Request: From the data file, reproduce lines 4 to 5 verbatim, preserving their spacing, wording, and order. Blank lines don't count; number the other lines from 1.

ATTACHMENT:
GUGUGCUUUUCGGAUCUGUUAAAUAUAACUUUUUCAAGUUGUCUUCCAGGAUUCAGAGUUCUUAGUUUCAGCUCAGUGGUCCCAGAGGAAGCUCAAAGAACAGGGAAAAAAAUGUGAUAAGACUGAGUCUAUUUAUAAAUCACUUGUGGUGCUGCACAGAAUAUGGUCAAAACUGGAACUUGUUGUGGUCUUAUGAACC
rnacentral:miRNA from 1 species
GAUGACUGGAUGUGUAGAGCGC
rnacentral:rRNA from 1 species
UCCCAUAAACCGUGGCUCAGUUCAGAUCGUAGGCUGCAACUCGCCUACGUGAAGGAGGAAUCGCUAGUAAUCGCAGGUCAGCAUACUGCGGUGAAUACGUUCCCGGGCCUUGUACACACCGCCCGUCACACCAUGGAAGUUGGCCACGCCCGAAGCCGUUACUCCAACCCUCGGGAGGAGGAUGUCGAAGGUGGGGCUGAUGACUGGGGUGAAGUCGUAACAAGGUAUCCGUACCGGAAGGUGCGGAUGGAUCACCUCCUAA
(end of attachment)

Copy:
rnacentral:rRNA from 1 species
UCCCAUAAACCGUGGCUCAGUUCAGAUCGUAGGCUGCAACUCGCCUACGUGAAGGAGGAAUCGCUAGUAAUCGCAGGUCAGCAUACUGCGGUGAAUACGUUCCCGGGCCUUGUACACACCGCCCGUCACACCAUGGAAGUUGGCCACGCCCGAAGCCGUUACUCCAACCCUCGGGAGGAGGAUGUCGAAGGUGGGGCUGAUGACUGGGGUGAAGUCGUAACAAGGUAUCCGUACCGGAAGGUGCGGAUGGAUCACCUCCUAA